Parish Council Vacancies

Current situation – as of January 2020

There are currently only 4 Councillors in post out of a possible 11. This means that the Council can only just function and more Councillors are needed urgently.

Why are there so few Councillors at the moment?

There is no straightforward answer to this. Dartington is full of people who are interested and engaged, but many are already fully committed to their own “causes”. A Parish Councillor needs to be broad based and respond to parishioners’ needs. The Council is not a single issue campaigning organisation, but it can be effective. Being a Councillor does require a commitment, but a term of office is only 4 years and you can make a difference. Over the last year Dartington Parish Councillors have successfully persuaded DCC to reinstate the virtual pavement along Cott Road, have upgraded the Gidley’s Meadow play area with new seats and equipment, have awarded grants to local organisations in the parish (including the Village Hall, St Mary’s Churchyard, the DRA and Meadowbrook), set up a working group to look at planting trees, held regular meetings with Dartington Hall Trust and carried out maintenance on bus shelters and footpaths. The Council also has its own website, produces its quarterly Parish Magazine, Our Dartington, which is delivered by volunteers to every house in the parish, responds to planning applications and is producing a Neighbourhood Plan. It’s a lot of work for four councillors and a part time Clerk! At the last election (May 2019) some long serving Councillors did not stand for re-election and felt others would step forward, but in the end there were not enough nominations for the available seats.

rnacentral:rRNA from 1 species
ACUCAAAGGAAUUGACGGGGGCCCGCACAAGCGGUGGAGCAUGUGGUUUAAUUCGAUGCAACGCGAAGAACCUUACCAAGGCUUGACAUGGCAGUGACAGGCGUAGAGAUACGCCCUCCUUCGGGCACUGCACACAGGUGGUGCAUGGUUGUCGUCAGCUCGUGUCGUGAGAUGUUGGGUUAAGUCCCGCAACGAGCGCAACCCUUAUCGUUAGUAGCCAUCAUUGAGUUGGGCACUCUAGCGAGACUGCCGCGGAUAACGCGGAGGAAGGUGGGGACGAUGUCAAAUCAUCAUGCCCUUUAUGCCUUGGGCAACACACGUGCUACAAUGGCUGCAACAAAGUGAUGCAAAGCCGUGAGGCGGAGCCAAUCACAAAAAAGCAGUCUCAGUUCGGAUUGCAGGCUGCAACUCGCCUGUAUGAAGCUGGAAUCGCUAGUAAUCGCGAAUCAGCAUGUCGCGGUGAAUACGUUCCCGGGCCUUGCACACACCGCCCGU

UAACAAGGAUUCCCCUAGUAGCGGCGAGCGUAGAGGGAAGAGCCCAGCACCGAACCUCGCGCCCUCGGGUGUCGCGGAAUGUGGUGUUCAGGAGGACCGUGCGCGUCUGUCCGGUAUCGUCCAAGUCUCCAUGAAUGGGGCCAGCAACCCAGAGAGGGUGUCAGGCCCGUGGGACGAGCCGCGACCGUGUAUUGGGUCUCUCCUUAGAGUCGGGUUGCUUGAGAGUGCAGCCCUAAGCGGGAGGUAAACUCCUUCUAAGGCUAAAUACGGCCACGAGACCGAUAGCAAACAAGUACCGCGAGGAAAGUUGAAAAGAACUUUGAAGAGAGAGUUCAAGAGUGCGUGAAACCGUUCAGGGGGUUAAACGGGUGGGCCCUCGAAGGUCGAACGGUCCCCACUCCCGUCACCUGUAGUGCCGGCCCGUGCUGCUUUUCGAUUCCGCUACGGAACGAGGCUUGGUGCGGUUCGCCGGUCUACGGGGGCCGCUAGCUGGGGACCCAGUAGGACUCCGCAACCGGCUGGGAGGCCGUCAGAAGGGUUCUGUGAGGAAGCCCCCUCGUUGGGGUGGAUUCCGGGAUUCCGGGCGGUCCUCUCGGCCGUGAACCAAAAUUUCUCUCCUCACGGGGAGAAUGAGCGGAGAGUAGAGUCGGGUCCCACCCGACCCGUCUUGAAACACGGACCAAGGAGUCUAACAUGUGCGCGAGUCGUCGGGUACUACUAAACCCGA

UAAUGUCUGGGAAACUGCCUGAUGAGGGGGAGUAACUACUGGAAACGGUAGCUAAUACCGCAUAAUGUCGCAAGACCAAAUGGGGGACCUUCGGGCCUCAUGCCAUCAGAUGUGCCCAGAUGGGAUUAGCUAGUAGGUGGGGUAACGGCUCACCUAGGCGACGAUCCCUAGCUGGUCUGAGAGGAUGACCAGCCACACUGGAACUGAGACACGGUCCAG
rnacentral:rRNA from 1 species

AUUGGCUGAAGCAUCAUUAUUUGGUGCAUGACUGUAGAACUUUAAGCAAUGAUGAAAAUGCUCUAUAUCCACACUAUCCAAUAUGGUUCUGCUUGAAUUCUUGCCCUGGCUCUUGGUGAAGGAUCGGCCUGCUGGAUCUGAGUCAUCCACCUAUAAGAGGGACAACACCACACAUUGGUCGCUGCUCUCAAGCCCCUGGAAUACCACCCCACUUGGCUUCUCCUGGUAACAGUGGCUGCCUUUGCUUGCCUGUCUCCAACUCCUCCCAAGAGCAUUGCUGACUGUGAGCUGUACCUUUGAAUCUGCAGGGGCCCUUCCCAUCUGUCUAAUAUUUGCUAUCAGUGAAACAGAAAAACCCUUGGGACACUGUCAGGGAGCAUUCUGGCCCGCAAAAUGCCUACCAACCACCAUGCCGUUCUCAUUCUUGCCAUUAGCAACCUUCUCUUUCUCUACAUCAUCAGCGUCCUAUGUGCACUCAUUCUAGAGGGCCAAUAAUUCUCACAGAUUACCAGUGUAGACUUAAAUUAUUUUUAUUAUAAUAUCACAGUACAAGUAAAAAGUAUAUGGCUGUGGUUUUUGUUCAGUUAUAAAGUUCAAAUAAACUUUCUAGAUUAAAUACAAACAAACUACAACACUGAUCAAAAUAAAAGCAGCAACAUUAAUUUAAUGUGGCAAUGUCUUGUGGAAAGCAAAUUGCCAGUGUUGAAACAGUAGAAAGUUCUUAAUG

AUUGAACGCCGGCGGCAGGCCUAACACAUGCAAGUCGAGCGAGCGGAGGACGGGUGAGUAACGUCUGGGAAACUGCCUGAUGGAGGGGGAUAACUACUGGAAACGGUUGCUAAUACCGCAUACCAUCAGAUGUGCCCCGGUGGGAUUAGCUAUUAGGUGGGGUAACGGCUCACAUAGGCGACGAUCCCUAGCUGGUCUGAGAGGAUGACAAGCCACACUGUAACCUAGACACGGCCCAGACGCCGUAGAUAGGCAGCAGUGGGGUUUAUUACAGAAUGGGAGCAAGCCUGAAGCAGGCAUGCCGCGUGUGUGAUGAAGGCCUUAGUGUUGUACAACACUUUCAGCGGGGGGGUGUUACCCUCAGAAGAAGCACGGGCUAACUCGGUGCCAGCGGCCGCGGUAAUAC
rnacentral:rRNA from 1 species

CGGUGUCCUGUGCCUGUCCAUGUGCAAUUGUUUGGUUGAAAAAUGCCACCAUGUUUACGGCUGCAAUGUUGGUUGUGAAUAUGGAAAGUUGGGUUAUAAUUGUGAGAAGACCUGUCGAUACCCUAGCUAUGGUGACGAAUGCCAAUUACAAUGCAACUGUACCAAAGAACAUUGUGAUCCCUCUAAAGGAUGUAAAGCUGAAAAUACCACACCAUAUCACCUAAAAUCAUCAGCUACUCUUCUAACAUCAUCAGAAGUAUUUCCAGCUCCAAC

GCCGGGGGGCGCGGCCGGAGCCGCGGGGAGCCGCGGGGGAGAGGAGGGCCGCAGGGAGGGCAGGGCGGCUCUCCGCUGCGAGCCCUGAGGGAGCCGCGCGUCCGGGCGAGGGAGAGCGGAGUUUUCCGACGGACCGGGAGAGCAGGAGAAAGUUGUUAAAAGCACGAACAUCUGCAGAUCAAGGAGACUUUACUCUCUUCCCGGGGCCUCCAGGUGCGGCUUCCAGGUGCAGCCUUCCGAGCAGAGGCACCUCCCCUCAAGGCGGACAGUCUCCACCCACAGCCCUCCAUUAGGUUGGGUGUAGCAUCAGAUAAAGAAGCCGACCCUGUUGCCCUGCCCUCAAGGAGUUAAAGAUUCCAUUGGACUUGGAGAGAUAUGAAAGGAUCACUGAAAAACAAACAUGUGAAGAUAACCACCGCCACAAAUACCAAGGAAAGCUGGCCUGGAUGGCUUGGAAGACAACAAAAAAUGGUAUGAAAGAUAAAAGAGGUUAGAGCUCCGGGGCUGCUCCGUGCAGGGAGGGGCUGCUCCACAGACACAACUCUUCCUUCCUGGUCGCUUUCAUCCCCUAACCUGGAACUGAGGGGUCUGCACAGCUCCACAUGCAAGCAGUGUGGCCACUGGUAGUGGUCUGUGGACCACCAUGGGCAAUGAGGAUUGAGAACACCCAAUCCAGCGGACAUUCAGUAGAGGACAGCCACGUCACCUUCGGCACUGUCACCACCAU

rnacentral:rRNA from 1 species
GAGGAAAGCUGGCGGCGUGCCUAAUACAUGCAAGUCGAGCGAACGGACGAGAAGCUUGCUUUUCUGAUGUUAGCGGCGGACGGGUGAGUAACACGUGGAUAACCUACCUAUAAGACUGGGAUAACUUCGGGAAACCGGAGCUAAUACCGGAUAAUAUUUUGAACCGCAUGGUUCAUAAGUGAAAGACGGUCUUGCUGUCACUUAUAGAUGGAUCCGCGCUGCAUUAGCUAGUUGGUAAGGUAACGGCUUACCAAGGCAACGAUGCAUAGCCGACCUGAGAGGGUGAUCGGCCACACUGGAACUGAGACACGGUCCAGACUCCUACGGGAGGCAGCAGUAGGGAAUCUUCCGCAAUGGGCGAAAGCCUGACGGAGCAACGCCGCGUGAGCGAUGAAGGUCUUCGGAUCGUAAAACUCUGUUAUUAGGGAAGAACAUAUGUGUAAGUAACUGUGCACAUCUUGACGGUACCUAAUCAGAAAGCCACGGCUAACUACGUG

If you have ever thought about being a local councillor, now would be a good time to put those thoughts into action! There is training available and a wealth of information to help you. Contact the Clerk if you are interested or would like more information. Email dartingtonparishcouncil@outlook.com

This is a useful publication which gives an overview: The-Good-Councillors-guide-2018

Standing as a Parish Councillor.

The Council meets on the 2nd Wednesday of each month except August from 7-9pm in the Village Hall, and Councillors are expected to attend meetings and prepare for them by reading the agenda and papers which the Clerk emails in advance. Sometimes there are additional Council meetings, but not often.

The rules say that if a Council doesn’t have enough councillors after an election, the Council is required to co-opt people to any vacancies. In Dartington, people came forward and were co-opted, but following a resignation due to ill health there are again 7 vacancies; this really limits the work the Council is able to do and gives more work to those who are already on the Council. Having too few councillors at a local level also means that parishioners are under-represented!

As long as you are at least 18, a British, Commonwealth or EU citizen (at the moment), on the electoral register and live in the parish or within 3 miles of the boundary, or your main place of work is in the parish or within 3 miles of the boundary, you should be eligible to be a councillor. The sitting Councillors will co-opt new members at a Council meeting so you would need to provide some information to the Clerk about who you are and what you could bring to the Council and you’d be invited to say something at the meeting.

More about the requirements are in the document below – pages 3, 4 & 5 are the relevant pages.